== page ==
Since the early 1980s cell tower information has been used to provide evidence in courts across America to defend and prosecute criminals. They are not an exact science and have their flaws but, like all technology, they are getting better.
We had the pleasure of talking with Scott Ross of Scott Ross Private Investigationsabout using cell phone tower records and pinging cell phones in civil and criminal matters.
For those of you not schooled in the world of cell towers, please remember this is merely a tool and not a science. Cell towers, typically, have three sides: Alpha, Beta and Gamma. A tower is essentially nothing more than a line-of-sight instrument and is computer controlled to “hand off” a call as it passes from one tower’s radius area to another. Inner-city towers are typically good for up to one to two miles; however, the towers’ cell signals can be blocked by tall buildings, more so by a newer, predominantly “steel” type of skyscraper.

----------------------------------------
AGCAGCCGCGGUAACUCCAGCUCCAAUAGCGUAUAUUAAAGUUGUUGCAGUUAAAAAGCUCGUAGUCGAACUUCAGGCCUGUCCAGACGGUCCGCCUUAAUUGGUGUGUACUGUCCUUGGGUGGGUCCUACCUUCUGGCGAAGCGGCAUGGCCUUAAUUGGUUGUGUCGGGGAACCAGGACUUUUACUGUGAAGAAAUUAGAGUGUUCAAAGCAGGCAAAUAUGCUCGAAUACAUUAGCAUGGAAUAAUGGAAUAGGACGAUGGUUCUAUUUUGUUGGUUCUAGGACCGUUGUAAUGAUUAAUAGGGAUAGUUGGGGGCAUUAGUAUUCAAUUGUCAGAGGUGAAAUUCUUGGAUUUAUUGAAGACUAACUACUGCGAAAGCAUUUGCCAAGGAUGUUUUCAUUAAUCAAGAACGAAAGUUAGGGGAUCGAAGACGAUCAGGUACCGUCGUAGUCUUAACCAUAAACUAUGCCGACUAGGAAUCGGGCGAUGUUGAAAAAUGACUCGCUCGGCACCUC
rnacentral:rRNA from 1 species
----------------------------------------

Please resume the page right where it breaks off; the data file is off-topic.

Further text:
The most important factors to understand when reading cell towers are the traffic, the pitch of the tower, and the landscape or terrain. For example, it would not be uncommon for a call in San Jose to cross the San Francisco Bay and get picked up an Oakland or East Bay tower, some 20 miles away, again, depending on the traffic.
There are temporary situations with tower traffic that are not addressed by the cellular companies, such as when a major league team is playing a game and people are sitting in traffic waiting to get to a ballpark. The towers in the immediate area will get overloaded, and the computers will do their best to seek and connect to a reasonably close tower. With no interference, again, this signal could travel a great distance, and reading the tower reports can be confusing, making the cell tower traffic reports that much more important.
Other examples of terrain are cell towers in the desert or on the Great Plains. The traffic from Los Angeles to Las Vegas is bumper to bumper on any given weekend, and I can say with complete certainty that the majority of Angelinos sit on their phone the vast majority of time during this trip. The cost of placing towers every few miles would be earth shattering, so the pitch of the towers, simply put, is turned toward the sky to cover a greater distance. Thus, the towers are spaced between 30 and 40 miles apart, again, based on the terrain.